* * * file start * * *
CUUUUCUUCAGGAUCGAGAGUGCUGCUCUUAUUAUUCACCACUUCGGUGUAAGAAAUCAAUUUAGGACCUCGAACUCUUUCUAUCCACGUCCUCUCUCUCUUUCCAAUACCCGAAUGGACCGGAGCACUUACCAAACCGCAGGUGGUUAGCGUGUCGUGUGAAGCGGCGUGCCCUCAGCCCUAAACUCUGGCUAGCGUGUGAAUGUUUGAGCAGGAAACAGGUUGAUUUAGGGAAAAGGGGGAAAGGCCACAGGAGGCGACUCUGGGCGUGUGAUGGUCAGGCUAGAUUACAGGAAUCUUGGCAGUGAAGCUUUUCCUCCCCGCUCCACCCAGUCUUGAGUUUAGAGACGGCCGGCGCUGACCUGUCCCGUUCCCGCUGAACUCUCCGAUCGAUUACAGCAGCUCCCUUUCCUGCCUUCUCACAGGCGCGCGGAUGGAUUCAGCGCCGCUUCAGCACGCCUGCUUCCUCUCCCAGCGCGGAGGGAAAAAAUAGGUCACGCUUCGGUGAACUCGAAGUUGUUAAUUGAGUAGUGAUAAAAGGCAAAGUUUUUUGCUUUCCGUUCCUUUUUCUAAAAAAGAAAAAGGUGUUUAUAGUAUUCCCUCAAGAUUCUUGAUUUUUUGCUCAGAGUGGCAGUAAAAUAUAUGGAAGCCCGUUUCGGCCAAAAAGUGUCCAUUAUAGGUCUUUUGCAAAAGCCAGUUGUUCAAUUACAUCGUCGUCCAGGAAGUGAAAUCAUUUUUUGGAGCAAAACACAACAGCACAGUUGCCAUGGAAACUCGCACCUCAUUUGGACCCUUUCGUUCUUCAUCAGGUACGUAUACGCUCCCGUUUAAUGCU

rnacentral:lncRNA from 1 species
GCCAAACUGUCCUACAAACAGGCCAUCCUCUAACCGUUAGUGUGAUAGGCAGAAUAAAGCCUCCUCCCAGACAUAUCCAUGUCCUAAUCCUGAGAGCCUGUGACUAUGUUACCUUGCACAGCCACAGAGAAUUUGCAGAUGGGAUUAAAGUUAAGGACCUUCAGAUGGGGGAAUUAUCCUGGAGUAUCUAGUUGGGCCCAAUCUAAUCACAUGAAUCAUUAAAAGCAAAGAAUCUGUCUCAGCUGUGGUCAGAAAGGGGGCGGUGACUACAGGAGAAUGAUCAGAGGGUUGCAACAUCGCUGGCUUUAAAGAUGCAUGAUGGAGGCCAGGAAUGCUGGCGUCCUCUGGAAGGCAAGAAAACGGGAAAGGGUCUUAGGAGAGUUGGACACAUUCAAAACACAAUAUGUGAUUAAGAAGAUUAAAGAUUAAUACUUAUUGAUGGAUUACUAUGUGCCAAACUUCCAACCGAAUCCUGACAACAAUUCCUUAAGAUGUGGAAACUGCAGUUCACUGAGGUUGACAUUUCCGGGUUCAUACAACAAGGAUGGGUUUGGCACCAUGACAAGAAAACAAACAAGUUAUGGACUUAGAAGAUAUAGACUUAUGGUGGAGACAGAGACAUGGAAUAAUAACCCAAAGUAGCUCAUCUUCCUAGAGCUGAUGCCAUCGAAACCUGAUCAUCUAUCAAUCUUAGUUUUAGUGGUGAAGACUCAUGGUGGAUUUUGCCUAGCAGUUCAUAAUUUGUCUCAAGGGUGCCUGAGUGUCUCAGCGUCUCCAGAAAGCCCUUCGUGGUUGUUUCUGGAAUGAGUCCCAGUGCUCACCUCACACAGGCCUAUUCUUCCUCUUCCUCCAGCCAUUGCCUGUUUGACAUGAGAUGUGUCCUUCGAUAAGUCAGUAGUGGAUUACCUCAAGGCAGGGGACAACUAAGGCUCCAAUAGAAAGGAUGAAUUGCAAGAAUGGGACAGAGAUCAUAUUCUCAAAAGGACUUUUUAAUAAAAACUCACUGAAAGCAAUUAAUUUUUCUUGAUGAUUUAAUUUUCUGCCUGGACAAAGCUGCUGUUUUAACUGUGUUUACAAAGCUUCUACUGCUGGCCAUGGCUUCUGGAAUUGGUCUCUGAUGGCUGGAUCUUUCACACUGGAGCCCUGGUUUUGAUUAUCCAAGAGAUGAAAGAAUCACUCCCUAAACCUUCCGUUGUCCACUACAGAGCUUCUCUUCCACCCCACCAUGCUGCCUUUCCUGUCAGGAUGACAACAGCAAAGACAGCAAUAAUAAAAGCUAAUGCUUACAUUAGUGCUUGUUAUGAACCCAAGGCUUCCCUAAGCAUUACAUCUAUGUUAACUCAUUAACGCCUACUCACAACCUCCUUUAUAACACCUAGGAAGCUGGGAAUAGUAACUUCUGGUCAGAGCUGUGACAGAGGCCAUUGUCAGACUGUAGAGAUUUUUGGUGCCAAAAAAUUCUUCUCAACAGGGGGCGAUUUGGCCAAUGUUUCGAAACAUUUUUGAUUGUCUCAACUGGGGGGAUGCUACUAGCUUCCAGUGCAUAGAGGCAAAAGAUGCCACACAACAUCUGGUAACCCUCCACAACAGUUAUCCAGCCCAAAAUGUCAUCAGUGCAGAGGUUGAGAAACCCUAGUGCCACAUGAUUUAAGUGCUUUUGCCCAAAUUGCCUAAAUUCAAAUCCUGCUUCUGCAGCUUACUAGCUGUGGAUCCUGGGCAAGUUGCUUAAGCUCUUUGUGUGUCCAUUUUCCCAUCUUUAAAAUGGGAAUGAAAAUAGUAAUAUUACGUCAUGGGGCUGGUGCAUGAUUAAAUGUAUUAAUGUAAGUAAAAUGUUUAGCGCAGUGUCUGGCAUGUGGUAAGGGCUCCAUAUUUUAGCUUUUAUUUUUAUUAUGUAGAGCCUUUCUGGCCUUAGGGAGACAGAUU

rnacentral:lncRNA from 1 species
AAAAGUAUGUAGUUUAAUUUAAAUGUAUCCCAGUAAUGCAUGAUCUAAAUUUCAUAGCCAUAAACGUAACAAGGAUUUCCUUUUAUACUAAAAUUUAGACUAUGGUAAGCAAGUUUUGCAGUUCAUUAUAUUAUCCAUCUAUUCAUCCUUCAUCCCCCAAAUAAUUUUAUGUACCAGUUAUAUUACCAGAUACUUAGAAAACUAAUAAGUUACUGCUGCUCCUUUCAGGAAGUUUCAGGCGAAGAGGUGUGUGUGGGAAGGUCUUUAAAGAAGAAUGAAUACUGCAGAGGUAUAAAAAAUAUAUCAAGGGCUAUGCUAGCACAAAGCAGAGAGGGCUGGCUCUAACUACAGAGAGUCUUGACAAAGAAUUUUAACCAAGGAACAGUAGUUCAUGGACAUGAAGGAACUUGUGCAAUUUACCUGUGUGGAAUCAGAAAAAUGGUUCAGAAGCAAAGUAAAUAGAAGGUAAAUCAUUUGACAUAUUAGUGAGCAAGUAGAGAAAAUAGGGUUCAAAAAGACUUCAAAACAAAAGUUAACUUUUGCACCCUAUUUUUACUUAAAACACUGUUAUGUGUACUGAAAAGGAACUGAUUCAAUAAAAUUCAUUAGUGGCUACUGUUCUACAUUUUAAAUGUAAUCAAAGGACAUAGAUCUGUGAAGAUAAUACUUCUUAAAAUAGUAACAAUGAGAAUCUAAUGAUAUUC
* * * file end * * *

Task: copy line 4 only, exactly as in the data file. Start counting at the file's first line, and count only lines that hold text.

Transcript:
rnacentral:lncRNA from 1 species